The measures are inadequate to sustain a comprehensive welfare state, but rather introduce only moderate social policies. At a time when the authorities think it is OK to transfer 19 billion TL from the budget as guarantee payments to contractors of PPP’s (Public-private partnerships), the shield only offers to add a mere 2 billion TL to social assistance programs. The people are not shielded. On the contrary, what is shielded is the economic structure that drives the crisis in the first place.
Employer related measures promise more debt and less tax for employers. The postponement of tax and social security employer contributions that are included in the shield package overshoot the cause of this crisis. Indeed, every such necessary measure targeting employers has to be tied to the condition of protecting employment.
As I come to the end… The most amazing measure put forth in the shield is one that once again makes “dreams come true”. At a time when we are all asked/required to stay at home, the shield reduces the cost of airline tickets. You can fly without leaving your home, thanks to the shield! Clearly, the reason underlying the tourism sector’s sharp collapse is not understood by the authorities. People did not stop traveling because they suddenly found it pricy, but they rather stopped out of health concerns. A reduction of airline VAT taxes is nothing but a policy to reduce tax collection by the government. What is needed is protection to an already highly seasonal, flexible and precarious working class.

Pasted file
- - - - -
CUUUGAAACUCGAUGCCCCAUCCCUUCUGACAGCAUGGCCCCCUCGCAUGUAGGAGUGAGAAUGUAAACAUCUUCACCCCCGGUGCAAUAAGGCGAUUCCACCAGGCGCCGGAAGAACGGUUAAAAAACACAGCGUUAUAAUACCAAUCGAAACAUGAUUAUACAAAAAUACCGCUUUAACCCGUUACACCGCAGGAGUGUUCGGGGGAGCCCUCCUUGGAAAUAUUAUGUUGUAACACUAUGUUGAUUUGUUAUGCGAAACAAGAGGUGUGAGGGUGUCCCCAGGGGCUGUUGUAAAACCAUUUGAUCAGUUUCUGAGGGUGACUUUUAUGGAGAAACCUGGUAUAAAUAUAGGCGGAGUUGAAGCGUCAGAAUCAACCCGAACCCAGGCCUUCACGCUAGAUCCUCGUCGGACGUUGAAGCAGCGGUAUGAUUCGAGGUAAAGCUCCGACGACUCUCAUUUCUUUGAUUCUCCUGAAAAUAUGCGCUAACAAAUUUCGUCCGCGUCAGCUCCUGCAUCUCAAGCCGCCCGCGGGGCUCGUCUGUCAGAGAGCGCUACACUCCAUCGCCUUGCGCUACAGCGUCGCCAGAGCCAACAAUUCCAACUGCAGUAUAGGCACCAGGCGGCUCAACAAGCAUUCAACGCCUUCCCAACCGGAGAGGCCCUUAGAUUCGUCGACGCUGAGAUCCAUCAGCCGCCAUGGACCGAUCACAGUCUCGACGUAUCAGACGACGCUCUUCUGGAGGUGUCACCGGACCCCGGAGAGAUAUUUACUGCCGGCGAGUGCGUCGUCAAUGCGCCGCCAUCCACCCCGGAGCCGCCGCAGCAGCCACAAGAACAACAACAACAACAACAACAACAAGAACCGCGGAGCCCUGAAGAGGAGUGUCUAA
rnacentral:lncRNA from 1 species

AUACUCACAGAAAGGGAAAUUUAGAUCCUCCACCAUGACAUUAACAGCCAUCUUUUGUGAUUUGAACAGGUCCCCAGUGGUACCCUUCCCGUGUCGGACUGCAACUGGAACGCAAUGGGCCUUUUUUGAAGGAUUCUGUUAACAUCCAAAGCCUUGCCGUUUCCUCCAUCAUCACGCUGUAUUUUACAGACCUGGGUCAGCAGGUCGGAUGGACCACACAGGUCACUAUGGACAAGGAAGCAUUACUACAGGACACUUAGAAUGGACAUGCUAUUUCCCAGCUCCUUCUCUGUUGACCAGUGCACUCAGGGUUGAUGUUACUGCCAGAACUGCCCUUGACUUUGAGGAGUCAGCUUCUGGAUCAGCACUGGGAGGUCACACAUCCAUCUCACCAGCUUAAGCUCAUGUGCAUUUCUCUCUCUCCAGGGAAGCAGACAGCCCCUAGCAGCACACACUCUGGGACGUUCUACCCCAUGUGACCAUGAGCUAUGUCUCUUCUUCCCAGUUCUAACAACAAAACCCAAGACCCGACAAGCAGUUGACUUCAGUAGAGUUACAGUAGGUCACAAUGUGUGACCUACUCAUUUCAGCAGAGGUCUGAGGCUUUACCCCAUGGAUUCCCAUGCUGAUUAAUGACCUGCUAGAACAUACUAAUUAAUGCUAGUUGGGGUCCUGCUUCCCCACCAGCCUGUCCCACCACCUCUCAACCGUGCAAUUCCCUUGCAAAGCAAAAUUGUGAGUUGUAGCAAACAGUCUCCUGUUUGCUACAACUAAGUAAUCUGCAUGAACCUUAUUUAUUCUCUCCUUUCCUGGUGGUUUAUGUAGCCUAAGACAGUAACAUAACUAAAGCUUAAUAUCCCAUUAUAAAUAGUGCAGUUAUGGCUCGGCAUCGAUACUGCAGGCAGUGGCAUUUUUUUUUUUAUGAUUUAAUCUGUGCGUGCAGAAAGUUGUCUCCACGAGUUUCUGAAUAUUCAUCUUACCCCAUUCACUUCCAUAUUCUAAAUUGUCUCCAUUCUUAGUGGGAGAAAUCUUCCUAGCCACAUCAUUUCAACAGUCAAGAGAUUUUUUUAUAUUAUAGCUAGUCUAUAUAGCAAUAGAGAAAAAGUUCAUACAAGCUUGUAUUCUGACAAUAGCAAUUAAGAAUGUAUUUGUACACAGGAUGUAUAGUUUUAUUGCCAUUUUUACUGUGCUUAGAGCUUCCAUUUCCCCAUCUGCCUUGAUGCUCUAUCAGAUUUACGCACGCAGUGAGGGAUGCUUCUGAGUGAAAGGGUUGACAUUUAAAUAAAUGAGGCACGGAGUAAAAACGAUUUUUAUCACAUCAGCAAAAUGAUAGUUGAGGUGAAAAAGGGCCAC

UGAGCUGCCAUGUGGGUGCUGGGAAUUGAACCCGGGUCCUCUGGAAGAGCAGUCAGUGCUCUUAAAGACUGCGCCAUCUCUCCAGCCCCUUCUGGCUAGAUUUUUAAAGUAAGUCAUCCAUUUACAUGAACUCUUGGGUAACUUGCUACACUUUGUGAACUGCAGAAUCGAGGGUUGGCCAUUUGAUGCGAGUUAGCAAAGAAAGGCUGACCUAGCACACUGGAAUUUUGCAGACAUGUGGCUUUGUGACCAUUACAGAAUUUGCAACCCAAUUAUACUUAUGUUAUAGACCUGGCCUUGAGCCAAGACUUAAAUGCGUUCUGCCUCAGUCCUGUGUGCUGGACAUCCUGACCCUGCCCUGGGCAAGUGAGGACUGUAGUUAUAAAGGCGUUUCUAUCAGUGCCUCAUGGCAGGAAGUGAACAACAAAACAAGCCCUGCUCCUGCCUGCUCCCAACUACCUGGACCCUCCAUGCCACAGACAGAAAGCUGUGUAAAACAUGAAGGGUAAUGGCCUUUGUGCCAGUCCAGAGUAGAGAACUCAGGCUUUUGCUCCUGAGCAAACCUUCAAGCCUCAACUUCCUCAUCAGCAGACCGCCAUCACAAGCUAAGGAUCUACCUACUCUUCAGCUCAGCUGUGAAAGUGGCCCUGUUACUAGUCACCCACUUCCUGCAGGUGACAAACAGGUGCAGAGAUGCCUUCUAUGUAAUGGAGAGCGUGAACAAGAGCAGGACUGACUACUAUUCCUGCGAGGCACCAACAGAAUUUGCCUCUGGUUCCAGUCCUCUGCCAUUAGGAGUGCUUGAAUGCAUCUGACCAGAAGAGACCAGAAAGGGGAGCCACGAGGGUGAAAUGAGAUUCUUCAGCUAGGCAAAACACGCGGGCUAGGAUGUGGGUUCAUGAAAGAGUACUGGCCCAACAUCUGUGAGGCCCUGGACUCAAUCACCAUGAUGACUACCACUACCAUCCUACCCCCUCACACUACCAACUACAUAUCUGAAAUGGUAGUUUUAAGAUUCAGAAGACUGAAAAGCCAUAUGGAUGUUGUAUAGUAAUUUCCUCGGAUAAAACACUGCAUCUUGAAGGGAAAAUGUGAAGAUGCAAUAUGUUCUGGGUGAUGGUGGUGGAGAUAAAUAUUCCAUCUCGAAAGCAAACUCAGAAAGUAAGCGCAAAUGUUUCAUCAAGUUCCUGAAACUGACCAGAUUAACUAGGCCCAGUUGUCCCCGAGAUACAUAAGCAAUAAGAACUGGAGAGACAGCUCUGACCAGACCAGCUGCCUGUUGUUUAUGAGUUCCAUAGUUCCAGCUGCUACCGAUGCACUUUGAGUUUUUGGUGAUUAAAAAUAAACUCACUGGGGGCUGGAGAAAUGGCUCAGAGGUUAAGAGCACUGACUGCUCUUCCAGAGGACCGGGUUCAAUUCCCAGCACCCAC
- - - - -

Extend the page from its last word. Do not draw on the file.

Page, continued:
What we need is a shield for the people. By insisting on policies that will ensure both public and private health, listening to and implementing the advice of scientists and experts, and with strong solidarity and hope, we will definitely overcome these tough days. Stay healthy!
Selin Sayek Böke, is a Member of Parliament representing İzmir, since 2015. She has been a member of the Parliamentary Assembly of Council of Europe (PACE) since 2018. Ms. Sayek Böke has been elected to the Party Assembly of the Republican People’s Party (CHP) since 2014, during which she has served as the Vice Chair of Economic Policy between 2014 — 2017, and as the Party Spokesperson between 2016-2017. Selin Sayek Böke holds a B.Sc. degree (1993) in Economics from Middle East Technical University (METU, 1993), an M.A. (1996) and PhD (1999) degree from in Economics from Duke University. She participated in several World Bank projects as consultant, and worked as an Economist at the IMF (2001-2003).